A new model, the RC165, was introduced at Monza late in the season as a last ditch attempt at the 1964 Championship. The RC165 had no less than six transversely mounted, inline cylinders and produced 54 horsepower at 17,000 breathtaking rpm. It was a masterpiece of engineering and technological sophistication, and remains as one of Honda's most brilliant achievements. The RC165 didn't win at Monza though and was to require one lull season of racing before it would be fully sorted out and reliable. Incidentally, there is an amusing sidelight to the introduction of the new six at the 1964 Italian GP. It seems that Phil Read, the Yamaha ace, decided to throw a scare into (he Honda mechanics, who were thoroughly enjoying the attention and excitement that their new baby was provoking. Read merely wired two extra expansion chambers onto his Yamaha twin, threw a cover over the engine, and pushed it slowly by the Honda pits. Eyes grew wide and hearts stopped beating as the rumored, but not yet expected Yamaha “four” glided silently past the more than somewhat dismayed Honda contingent.
Of course, Yamaha’s 250 twin was no match for the Honda six, even with two extra expansion chambers tacked onto it. By the end of 1965, the six had been developed to the point where it was nearly as reliable as it was fast and the handwriting was on the wall. So for 1966 Yamaha unveiled their ultimate weapon, a water-cooled, V-4, two-stroke, and Honda countered by retaining the services of one M. Hailwood to do battle on the swift six. The show then began in earnest, with neither side holding a clear advantage. The Yamaha had more power but the Honda handled better and that was it. The 1966 and 1967 250cc World Championships went to Honda, but both were contested right to the bitter end with the results hinging on the last race of the season. Hailwood and Read staged some of the closest and most hard-fought racing the world had ever seen, and by the time Honda pulled out of racing at the end of 1967 (presumably to concentrate on the development of the CB 750), the RC165 was delivering somewhere around 60 horsepower, which works out to 4 horsepower per cubic inch. The six must be regarded as one of the most fantastic motorcycles ever built.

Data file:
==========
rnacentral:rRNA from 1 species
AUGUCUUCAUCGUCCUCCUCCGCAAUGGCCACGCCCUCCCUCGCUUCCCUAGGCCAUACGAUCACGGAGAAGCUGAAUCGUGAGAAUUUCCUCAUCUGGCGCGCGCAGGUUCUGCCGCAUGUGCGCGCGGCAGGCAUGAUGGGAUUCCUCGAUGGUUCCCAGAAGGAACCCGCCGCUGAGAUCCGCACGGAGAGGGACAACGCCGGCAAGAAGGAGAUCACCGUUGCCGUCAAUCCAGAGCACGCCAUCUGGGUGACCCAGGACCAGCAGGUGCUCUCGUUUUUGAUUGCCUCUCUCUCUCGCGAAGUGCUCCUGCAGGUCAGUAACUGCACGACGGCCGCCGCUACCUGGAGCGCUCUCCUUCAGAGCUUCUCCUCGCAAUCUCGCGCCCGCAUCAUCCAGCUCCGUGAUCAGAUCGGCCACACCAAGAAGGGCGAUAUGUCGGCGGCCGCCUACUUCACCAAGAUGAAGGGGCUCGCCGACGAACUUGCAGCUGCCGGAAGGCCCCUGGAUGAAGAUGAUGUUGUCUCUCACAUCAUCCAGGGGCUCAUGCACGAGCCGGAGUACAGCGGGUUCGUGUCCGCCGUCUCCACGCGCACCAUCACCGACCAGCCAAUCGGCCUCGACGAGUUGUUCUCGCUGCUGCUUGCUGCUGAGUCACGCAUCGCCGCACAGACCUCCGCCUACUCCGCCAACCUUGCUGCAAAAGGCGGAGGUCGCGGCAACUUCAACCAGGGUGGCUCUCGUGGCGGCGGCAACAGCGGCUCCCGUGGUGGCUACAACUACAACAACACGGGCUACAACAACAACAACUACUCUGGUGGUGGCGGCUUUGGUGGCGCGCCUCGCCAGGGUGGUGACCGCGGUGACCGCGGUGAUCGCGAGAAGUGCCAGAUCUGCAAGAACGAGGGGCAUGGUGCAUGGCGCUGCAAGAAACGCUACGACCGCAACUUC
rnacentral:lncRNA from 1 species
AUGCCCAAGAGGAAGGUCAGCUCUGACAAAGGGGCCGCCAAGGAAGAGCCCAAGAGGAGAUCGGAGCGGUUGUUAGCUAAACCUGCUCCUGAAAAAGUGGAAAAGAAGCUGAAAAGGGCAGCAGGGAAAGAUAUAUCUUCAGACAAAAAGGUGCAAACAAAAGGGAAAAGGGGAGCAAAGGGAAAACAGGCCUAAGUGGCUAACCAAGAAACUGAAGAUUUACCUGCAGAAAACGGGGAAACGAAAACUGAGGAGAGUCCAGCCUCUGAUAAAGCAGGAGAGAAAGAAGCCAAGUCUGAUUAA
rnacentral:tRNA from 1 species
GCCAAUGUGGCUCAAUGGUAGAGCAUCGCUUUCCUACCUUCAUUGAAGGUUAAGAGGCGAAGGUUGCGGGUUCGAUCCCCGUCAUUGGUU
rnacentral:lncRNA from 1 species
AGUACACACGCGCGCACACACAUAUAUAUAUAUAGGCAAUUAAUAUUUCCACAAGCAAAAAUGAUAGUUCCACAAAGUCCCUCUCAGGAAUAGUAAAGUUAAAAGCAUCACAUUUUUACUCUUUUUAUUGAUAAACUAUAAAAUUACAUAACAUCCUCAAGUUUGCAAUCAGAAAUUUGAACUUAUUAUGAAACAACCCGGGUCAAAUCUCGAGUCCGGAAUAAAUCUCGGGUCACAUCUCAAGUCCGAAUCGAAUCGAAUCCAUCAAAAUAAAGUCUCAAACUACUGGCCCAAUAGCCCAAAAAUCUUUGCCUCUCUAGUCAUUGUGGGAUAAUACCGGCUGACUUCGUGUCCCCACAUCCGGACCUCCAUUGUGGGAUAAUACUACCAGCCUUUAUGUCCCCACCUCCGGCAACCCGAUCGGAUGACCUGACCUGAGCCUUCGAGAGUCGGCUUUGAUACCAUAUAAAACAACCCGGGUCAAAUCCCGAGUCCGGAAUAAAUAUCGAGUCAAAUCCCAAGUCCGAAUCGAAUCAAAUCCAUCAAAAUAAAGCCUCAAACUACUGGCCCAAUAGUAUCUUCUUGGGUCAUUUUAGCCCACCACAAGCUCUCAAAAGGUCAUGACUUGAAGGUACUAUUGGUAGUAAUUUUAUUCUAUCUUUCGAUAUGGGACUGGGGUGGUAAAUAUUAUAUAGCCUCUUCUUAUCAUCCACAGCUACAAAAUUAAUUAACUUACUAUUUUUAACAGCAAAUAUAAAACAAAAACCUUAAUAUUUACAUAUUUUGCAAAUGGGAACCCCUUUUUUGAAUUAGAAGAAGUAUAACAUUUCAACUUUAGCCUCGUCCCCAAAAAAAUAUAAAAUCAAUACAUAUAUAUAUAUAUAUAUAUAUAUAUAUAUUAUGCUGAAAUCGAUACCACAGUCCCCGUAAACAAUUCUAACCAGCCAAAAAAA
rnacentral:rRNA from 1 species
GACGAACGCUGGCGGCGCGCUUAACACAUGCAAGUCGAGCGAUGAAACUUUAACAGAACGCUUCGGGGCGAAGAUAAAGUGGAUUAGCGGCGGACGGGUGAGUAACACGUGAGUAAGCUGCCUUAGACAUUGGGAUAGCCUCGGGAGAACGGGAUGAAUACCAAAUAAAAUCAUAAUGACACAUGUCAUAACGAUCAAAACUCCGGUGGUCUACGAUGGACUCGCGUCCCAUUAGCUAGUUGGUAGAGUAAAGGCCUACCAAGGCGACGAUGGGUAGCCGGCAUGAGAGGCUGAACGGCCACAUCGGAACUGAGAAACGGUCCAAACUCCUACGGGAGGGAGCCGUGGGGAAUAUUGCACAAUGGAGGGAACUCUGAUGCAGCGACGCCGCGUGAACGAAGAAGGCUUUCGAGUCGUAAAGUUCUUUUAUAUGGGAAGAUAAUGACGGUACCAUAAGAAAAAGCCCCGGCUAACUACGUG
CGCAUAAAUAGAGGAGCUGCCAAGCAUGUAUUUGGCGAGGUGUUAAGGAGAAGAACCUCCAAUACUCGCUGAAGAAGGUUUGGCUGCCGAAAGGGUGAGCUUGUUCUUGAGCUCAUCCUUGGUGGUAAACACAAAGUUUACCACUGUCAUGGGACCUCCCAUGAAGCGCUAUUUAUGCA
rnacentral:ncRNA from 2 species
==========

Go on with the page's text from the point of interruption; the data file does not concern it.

Naturally, Honda did not concentrate solely on the 250 class during this period. Late in 1965 a brand new 125 was introduced. Each of its five cylinders displaced 25cc, and amazingly enough, the four-valve head layout was retained even though this meant that the intake and exhaust valves were limited in size to 13 and 12 mm, respectively. The 125 five was developed from the earlier 50cc twin and was therefore quite reliable right from the outset. It produced 30 horsepower at 18.000 rpm and could be twisted past 22.000 remarkable rpm with no ill effects, which was even more remarkable considering that ordinary coil springs were used to control the valves.
At the West German GP in 1967, a new 350 appeared. A punched-out version of the 250, the new six displaced 320cc and pumped out close to 70 horsepower at 16,500 rpm. As can be imagined, it was an extremely rapid machine. But for brute strength, the honors must go to the 500 four, which was a beast in every sense of the word. The big four incorporated most of the usual Honda design features, its major difference from the norm being the wet sump lubrication system with twin oil coolers. Even though handicapped by having a mere four cylinders, the 500 possessed so much power that it was almost uncontrollable. Too much power, in fact, for its frame and brakes, which simply couldn’t handle the more than 90 horsepower churned out by the monster engine. Mike Hailwood came closer to taming the thing than anyone; even so, it was reported in 1967 that “ . . spectators shudder and blanch as Hailwood goes rushing past on the 500, obviously struggling for mastery all the way.” It was all engine.
The speedy little 125 five
But then, the focal point of any Honda has always been its engine, and in this area Soichiro Honda has no equal. Judging from past performances, Honda is capable of producing some incredible machines and such a dynamic company is just not capable of standing still. Perhaps, tucked away somewhere within the depths of Honda Research and Development, there’s a . . . six-cylinder road bike? An eight-cylinder racing bike? A fantastically powerful Formula 1 Grand Prix car? Place your bets now, while there’s still time. As the ads say, “Sooner or later, you knew they’d do it.”
Source: Chilton's Honda Fours Repair and Tune-up Guide, 1973